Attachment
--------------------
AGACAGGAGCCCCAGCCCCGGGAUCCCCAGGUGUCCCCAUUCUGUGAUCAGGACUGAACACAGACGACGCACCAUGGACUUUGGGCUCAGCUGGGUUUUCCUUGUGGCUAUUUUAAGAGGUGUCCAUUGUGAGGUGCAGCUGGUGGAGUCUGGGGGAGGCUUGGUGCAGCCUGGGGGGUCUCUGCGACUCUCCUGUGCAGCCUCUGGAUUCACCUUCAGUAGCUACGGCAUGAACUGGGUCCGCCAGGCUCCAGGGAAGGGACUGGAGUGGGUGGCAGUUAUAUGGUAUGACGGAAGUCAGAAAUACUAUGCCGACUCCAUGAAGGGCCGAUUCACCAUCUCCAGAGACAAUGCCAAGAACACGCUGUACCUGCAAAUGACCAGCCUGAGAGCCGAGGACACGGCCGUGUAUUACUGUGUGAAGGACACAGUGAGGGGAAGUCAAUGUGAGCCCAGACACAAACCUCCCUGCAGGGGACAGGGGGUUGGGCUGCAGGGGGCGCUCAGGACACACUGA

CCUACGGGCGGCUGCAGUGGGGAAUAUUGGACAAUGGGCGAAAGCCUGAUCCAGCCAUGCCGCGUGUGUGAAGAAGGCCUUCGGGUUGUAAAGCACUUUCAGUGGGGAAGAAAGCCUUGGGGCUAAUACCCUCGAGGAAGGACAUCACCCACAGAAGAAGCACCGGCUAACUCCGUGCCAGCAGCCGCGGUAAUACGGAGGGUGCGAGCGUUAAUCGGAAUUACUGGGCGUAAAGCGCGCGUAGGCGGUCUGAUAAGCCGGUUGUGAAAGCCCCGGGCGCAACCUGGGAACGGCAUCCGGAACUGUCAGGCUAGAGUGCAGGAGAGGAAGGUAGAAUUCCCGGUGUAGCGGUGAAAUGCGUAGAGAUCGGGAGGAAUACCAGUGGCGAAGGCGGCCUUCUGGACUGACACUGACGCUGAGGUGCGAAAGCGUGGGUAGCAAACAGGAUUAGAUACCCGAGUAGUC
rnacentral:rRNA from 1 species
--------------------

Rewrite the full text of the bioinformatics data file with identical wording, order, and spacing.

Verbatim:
AGACAGGAGCCCCAGCCCCGGGAUCCCCAGGUGUCCCCAUUCUGUGAUCAGGACUGAACACAGACGACGCACCAUGGACUUUGGGCUCAGCUGGGUUUUCCUUGUGGCUAUUUUAAGAGGUGUCCAUUGUGAGGUGCAGCUGGUGGAGUCUGGGGGAGGCUUGGUGCAGCCUGGGGGGUCUCUGCGACUCUCCUGUGCAGCCUCUGGAUUCACCUUCAGUAGCUACGGCAUGAACUGGGUCCGCCAGGCUCCAGGGAAGGGACUGGAGUGGGUGGCAGUUAUAUGGUAUGACGGAAGUCAGAAAUACUAUGCCGACUCCAUGAAGGGCCGAUUCACCAUCUCCAGAGACAAUGCCAAGAACACGCUGUACCUGCAAAUGACCAGCCUGAGAGCCGAGGACACGGCCGUGUAUUACUGUGUGAAGGACACAGUGAGGGGAAGUCAAUGUGAGCCCAGACACAAACCUCCCUGCAGGGGACAGGGGGUUGGGCUGCAGGGGGCGCUCAGGACACACUGA

CCUACGGGCGGCUGCAGUGGGGAAUAUUGGACAAUGGGCGAAAGCCUGAUCCAGCCAUGCCGCGUGUGUGAAGAAGGCCUUCGGGUUGUAAAGCACUUUCAGUGGGGAAGAAAGCCUUGGGGCUAAUACCCUCGAGGAAGGACAUCACCCACAGAAGAAGCACCGGCUAACUCCGUGCCAGCAGCCGCGGUAAUACGGAGGGUGCGAGCGUUAAUCGGAAUUACUGGGCGUAAAGCGCGCGUAGGCGGUCUGAUAAGCCGGUUGUGAAAGCCCCGGGCGCAACCUGGGAACGGCAUCCGGAACUGUCAGGCUAGAGUGCAGGAGAGGAAGGUAGAAUUCCCGGUGUAGCGGUGAAAUGCGUAGAGAUCGGGAGGAAUACCAGUGGCGAAGGCGGCCUUCUGGACUGACACUGACGCUGAGGUGCGAAAGCGUGGGUAGCAAACAGGAUUAGAUACCCGAGUAGUC
rnacentral:rRNA from 1 species